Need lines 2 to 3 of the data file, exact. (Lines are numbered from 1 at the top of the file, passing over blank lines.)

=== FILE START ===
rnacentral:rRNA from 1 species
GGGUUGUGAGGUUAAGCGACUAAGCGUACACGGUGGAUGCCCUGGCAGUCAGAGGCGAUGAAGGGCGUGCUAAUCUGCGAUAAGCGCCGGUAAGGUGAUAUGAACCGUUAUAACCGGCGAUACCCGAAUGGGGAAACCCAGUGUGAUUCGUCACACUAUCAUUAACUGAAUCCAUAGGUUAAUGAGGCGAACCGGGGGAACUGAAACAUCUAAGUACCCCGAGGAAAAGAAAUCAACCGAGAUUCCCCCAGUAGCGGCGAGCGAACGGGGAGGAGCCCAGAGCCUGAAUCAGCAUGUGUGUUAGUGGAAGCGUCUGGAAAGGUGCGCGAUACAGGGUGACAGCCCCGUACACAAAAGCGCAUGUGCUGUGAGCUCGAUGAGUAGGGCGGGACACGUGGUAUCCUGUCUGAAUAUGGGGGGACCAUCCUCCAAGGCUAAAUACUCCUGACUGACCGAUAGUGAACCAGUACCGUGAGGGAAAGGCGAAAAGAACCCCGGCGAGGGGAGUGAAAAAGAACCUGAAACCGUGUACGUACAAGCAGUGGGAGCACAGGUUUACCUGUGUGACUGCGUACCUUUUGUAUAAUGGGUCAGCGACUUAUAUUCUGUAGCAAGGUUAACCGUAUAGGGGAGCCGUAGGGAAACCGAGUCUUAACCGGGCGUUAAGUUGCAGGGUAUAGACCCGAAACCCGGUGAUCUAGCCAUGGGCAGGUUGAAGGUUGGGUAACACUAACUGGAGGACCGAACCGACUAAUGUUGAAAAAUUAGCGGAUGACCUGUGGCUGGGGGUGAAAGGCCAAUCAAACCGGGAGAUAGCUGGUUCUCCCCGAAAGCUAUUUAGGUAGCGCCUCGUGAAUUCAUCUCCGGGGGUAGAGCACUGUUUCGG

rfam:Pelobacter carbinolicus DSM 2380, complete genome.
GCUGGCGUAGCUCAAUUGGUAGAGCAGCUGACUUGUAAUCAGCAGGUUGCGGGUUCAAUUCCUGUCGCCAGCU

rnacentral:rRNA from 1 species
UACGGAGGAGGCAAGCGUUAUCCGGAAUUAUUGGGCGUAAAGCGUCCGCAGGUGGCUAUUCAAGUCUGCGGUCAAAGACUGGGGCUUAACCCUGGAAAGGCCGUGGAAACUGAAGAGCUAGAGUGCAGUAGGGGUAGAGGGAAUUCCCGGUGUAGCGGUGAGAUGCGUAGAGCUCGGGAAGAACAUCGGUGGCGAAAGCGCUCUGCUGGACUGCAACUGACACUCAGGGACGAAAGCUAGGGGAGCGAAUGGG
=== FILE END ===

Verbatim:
GGGUUGUGAGGUUAAGCGACUAAGCGUACACGGUGGAUGCCCUGGCAGUCAGAGGCGAUGAAGGGCGUGCUAAUCUGCGAUAAGCGCCGGUAAGGUGAUAUGAACCGUUAUAACCGGCGAUACCCGAAUGGGGAAACCCAGUGUGAUUCGUCACACUAUCAUUAACUGAAUCCAUAGGUUAAUGAGGCGAACCGGGGGAACUGAAACAUCUAAGUACCCCGAGGAAAAGAAAUCAACCGAGAUUCCCCCAGUAGCGGCGAGCGAACGGGGAGGAGCCCAGAGCCUGAAUCAGCAUGUGUGUUAGUGGAAGCGUCUGGAAAGGUGCGCGAUACAGGGUGACAGCCCCGUACACAAAAGCGCAUGUGCUGUGAGCUCGAUGAGUAGGGCGGGACACGUGGUAUCCUGUCUGAAUAUGGGGGGACCAUCCUCCAAGGCUAAAUACUCCUGACUGACCGAUAGUGAACCAGUACCGUGAGGGAAAGGCGAAAAGAACCCCGGCGAGGGGAGUGAAAAAGAACCUGAAACCGUGUACGUACAAGCAGUGGGAGCACAGGUUUACCUGUGUGACUGCGUACCUUUUGUAUAAUGGGUCAGCGACUUAUAUUCUGUAGCAAGGUUAACCGUAUAGGGGAGCCGUAGGGAAACCGAGUCUUAACCGGGCGUUAAGUUGCAGGGUAUAGACCCGAAACCCGGUGAUCUAGCCAUGGGCAGGUUGAAGGUUGGGUAACACUAACUGGAGGACCGAACCGACUAAUGUUGAAAAAUUAGCGGAUGACCUGUGGCUGGGGGUGAAAGGCCAAUCAAACCGGGAGAUAGCUGGUUCUCCCCGAAAGCUAUUUAGGUAGCGCCUCGUGAAUUCAUCUCCGGGGGUAGAGCACUGUUUCGG

rfam:Pelobacter carbinolicus DSM 2380, complete genome.